Woman Diagnosed With Conjunctivitis Given Months To Live

by : UNILAD on : 03 Nov 2017 17:24

A 29-year-old woman who was diagnosed with an eye infection has been given a month to live after an MRI scan revealed she had a brain tumour after complaining from a sore eye.


Rhiana, from Perth, Australia, was misdiagnosed with conjunctivitis in May but her symptoms ‘quickly deteriorated’ and she began to suffer from headaches, double vision and facial numbness.

After nine visits to ‘various medical institutions’, an MRI scan in August revealed she had a tumour growing on the nerve between her eye and brain.

undefined7 News

And just weeks later, doctors confirmed she had a terminal brain tumour, writes 7News.


Rhiana said the feeling in her face was as if somebody was tasering her from her nose to her eye, adding:

I asked [the doctor] ‘so am I going to die from this?’ and she said ‘yes’.

After initially ‘having a good cry’, Rhiana said she has made the vow to fight on and battle the disease with the support of her family and friends.

Her dad, Thomas, said:

She’s tough, there’s no such thing as you can’t.

There is a ‘glimmer of hope’ in the form of a qualified and reputable neurosurgeon in Sydney who has the skill set, ability and confidence to operate on Rhiana’s tumour. He is brain surgeon Dr. Charlie Teo.


However, with costs of treatment topping $100,000, Rhiana and her family can’t afford it so one of her friends has started a GoFundMe page in an effort to raise the much-needed funds.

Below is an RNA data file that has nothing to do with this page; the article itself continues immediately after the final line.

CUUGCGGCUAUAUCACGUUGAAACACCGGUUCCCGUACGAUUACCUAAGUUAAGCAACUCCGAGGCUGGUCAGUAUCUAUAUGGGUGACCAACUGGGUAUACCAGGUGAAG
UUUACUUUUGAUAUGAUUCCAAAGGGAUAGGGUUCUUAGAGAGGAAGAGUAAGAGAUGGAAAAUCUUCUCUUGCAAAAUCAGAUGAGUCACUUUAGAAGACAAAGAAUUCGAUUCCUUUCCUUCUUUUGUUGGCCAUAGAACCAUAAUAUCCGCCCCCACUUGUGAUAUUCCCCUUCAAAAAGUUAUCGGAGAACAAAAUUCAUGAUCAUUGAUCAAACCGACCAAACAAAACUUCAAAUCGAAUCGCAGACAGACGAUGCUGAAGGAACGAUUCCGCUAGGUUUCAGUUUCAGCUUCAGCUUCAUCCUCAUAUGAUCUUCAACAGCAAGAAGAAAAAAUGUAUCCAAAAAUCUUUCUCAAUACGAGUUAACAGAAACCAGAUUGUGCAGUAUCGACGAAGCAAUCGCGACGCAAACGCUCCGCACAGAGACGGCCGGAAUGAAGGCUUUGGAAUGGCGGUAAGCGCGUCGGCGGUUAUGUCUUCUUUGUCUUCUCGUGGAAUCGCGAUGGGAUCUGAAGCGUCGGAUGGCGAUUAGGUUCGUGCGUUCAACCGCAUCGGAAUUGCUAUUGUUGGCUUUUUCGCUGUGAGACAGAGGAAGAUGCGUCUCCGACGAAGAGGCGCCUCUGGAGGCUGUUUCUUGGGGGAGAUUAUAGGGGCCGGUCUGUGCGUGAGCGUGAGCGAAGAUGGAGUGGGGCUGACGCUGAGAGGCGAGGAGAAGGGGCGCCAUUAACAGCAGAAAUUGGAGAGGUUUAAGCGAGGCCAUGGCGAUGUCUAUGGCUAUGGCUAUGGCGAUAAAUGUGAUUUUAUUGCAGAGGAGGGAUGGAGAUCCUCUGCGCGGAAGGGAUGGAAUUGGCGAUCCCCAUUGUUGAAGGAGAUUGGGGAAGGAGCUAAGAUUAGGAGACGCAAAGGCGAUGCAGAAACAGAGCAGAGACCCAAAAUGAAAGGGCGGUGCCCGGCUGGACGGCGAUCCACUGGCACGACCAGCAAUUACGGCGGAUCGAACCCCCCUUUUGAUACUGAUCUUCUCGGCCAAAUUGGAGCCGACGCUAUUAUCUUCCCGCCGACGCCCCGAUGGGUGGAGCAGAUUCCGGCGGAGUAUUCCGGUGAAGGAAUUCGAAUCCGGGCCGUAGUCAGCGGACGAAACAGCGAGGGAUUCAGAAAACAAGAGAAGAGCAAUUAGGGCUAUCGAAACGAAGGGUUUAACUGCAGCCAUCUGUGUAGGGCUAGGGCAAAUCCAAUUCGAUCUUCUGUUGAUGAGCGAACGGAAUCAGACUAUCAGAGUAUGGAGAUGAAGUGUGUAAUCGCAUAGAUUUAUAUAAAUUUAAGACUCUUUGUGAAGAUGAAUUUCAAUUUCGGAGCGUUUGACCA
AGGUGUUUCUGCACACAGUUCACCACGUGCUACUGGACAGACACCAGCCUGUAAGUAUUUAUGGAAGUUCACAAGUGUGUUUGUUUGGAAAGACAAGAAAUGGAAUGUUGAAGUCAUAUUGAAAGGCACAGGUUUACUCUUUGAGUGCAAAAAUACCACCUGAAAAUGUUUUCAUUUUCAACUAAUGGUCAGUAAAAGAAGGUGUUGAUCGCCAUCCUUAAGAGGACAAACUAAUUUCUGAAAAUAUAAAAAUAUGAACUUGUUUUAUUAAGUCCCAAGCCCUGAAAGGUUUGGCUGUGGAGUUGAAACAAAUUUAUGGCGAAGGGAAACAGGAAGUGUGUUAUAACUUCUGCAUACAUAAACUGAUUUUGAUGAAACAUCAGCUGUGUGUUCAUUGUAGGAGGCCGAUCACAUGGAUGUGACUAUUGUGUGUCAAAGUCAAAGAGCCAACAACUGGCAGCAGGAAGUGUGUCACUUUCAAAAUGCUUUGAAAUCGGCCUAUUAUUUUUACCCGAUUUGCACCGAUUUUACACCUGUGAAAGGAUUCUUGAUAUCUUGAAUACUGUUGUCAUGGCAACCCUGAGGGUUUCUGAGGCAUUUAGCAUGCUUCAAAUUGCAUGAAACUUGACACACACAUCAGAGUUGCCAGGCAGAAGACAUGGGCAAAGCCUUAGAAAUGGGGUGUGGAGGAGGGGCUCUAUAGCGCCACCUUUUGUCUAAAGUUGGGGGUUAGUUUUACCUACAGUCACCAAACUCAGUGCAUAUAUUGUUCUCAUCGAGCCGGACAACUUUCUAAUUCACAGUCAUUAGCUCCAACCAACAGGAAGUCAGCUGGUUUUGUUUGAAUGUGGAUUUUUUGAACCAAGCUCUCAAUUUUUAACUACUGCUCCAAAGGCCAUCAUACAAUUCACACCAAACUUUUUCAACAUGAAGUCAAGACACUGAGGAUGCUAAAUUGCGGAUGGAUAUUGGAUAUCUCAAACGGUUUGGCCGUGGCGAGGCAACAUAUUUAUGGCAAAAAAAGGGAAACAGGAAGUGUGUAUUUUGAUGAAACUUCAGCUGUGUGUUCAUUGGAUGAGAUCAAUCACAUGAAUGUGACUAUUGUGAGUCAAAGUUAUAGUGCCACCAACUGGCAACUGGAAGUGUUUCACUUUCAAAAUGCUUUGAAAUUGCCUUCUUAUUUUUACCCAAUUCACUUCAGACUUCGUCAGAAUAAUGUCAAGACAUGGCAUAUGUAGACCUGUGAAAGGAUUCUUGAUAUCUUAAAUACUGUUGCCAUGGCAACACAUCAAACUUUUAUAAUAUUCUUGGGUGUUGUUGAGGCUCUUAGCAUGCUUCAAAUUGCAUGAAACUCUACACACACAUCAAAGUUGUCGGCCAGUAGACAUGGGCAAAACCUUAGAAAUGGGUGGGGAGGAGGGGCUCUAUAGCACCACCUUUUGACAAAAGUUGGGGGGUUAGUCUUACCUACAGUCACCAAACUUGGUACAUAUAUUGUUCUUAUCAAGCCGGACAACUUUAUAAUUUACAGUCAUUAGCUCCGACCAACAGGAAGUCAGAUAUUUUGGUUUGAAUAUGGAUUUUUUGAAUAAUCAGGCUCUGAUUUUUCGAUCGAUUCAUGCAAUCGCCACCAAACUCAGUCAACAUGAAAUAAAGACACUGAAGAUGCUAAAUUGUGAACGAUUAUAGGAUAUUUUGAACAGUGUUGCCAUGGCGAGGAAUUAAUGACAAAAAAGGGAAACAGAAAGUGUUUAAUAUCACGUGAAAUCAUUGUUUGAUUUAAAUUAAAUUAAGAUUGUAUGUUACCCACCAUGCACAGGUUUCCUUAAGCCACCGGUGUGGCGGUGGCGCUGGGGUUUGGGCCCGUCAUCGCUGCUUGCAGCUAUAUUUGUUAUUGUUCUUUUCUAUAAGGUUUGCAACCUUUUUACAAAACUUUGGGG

The page admin, Dean Simcock wrote:

Unfortunately, this diagnosis has come late. Diagnosis has taken two years. Rhiana was originally prescribed steroids to battle what they first thought she had.

It appears the steroids have assisted in the growth of the tumour. The doctors in Perth have told her they will be unable to operate due to the rarity of the tumour and the risk factors involved.

She suffers with extreme pain, blurred vision, numbness in her face and is often too unwell to get out of her bed. Throughout the repeated tests and incorrect diagnosis/treatment over the past two years, this tragic news (which would bring most to their knees) has not dulled her ever present sparkle.

Rhiana is full of positivity and strength at the start of what truly is the fight of her life. She refuses to give up on life and is instead doing everything within her power to change her fate.

Rhiana said she wanted to warn others about the potential risks associated with innocuous symptoms, while she continues battling on.

She said:

I know the story doesn’t end that way. Not for me.

We hope she can beat this.

Topics: Health


  1. 7News

    Perth woman told she had conjunctivitis, but it turned out to be a brain tumour